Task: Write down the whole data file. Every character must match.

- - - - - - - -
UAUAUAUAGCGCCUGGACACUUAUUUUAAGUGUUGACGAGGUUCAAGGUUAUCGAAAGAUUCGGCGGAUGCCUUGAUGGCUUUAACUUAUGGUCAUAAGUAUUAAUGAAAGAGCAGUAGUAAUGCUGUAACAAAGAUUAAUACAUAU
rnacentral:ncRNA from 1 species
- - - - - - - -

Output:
UAUAUAUAGCGCCUGGACACUUAUUUUAAGUGUUGACGAGGUUCAAGGUUAUCGAAAGAUUCGGCGGAUGCCUUGAUGGCUUUAACUUAUGGUCAUAAGUAUUAAUGAAAGAGCAGUAGUAAUGCUGUAACAAAGAUUAAUACAUAU
rnacentral:ncRNA from 1 species